It was mentioned and implicated in ‘The End of Time’ when the Tenth Doctor what happened to the Time Lords who were changed by the war, but we get to see the full extent of that. The Time Lords are willing to commit genocide…and destroy Moldox’s people in order to destroy the Daleks forever!
This of course makes the War Doctor very angry. He pleads with the Time Lords to find another way and not use the Tear of Isha instead of the Moment to destroy the Daleks along with Moldox with it. But the Time Lords, led by Rassilon himself of course, refuse to hear the Doctor’s pleas in this matter.
George Mann goes way out to make the Time Lords the villains just as much the Daleks are villains. It was fascinating to read/hear how the Time Lords are willing to go to such extremes to destroy the Daleks in their Time War regardless of other peoples’ lives. It’s why the War Doctor despises them so much.
Just to talk about the audiobook for a bit, Nicholas Briggs does a great job reading the story and doing voices for the War Doctor and the Daleks in it. It was interesting to hear Nick Briggs voice for John Hurt’s War Doctor, matching his voice to how he sounded in ‘The Day of the Doctor’, which was good.
Granted I have heard Nick Briggs voice the War Doctor before in ‘The Day of the Doctor’ novelization/audiobook and he has worked with John Hurt in the Big Finish audios of course. This was the first time though where I got to hear Nick Briggs perform a War Doctor story full-on in audio.
And yes, like I mentioned before, Rassilon appears in this story. I believe this is the Timothy Dalton interpretation of the character with the powered-up gauntlet hand and such. I can’t be certain and I’m not sure if Nick Briggs makes it sound like Timothy Dalton, but I’m willing to go with it for the time being here.
The story also has the War Doctor following Rassilon to visit the Death Zone where he has kept Borusa encased in a possibility engine within the Dark Tower and in the Tomb of Rassilon. It was very fascinating to return to the Death Zone like this having seen it once before in ‘The Five Doctors’ story.
It was also fascinating to find Borusa back in this story and being literally tortured by Rassilon to become his possibility engine. I assume this is like the Philip Latham version of Borusa from ‘The Five Doctors’, but I’m not sure. Borusa undergoes multiple regenerations as he’s in the possibility engine.
There are also Time Lord characters who are quite nasty to Cinder when she’s on Gallifrey. There’s Karlax who mind-probes her for information whilst the War Doctor’s in the Death Zone with Rassilon and Borusa. There’s also the Castellan who helps out (not the Paul Jerricho Castellan, I don’t think 😀 )
To be fair, the Castellan character in this story is more accommodating and sympathetic compared to Karlax who’s pretty nasty and has a mean relationship with the Doctor. He helps the Doctor and Cinder escape from Gallifrey after they’ve been kept prisoner and not to interfere with Rassilon’s plans.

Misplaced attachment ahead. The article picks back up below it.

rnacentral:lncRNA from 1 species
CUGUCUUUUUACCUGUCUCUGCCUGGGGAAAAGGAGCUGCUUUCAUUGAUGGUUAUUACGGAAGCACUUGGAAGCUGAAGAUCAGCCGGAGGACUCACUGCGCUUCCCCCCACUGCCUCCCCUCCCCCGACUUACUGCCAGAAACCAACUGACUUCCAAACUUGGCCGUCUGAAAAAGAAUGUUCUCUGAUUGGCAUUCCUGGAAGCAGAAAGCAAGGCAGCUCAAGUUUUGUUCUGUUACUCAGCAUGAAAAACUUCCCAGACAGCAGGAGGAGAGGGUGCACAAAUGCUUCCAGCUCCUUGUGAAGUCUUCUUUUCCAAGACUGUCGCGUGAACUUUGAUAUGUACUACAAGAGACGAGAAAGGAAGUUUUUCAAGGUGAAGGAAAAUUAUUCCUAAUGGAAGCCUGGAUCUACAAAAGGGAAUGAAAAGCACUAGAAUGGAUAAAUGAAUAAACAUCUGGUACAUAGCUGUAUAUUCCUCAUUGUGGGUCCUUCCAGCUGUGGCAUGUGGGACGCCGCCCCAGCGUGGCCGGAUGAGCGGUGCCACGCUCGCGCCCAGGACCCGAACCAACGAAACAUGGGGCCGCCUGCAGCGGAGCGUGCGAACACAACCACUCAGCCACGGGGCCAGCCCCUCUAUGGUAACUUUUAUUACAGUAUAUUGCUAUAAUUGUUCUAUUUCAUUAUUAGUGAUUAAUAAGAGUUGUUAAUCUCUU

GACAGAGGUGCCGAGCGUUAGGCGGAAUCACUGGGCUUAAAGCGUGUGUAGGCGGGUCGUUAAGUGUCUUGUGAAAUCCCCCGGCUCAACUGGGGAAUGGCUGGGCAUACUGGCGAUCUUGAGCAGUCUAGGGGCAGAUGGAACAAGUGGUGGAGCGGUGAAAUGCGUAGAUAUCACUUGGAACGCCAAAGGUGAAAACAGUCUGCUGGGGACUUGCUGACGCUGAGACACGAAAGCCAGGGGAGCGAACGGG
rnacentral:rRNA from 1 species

I like the relationship between the War Doctor and Cinder in this story. The War Doctor refuses to be called ‘Doctor’ again, but he softens to Cinder being his companion in the story as the two get along. It’s such a shame when the story ends so tragically as the Doctor isn’t able to save Cinder by the end.
The Daleks can be pretty intimidating, especially the Eternity Circle of Daleks featured in the story. Nick Briggs voices well for the Daleks in anything audio related whether it’d be for the BBC or Big Finish. The Predator Dalek that the War Doctor and Cinder confront in the story can be quite calculating.
It’s saddening when Cinder gets shot by Karlax at the end of the story once he’s in the TARDIS in order to save the Doctor. The Doctor is angry with Karlax that he actually leaves him behind for the Daleks to exterminate him. The Doctor’s battle-hardened manner comes to the fore in this instance.
Unfortunately, the Doctor isn’t able to save Cinder and she sadly dies. The Doctor becomes determined to use Borusa as the possibility engines to find a way to bring Cinder back to life. Eventually, he knows he has to let Cinder go and stop the Daleks and the Time Lords once and for all.
The story concludes with the Doctor back on Moldox and finding everybody safe and sound for the moment. But the Doctor comes to the decision that enough is enough and he declares the words “No more.” Presumably after that, he is going back to Gallifrey to steal the Moment from the vaults.
Anyway, ‘Engines of War’ has been a good War Doctor adventure to read and listen to. It was interesting to discover more of the War Doctor’s character in this book/audio and gain some inspiration on writing my own War Doctor story. It’s also fascinating he had a companion in Cinder. 🙂
The depiction of the Time Lords and the Daleks in the Time War is how I imagined it from watching the TV series and George Mann writes well for the characters featured in it. It took me a while to get into the story at first, but by the time I got into ‘Part Two’, I was invested in the story and characters.
‘Engines of War’ rating – 8/10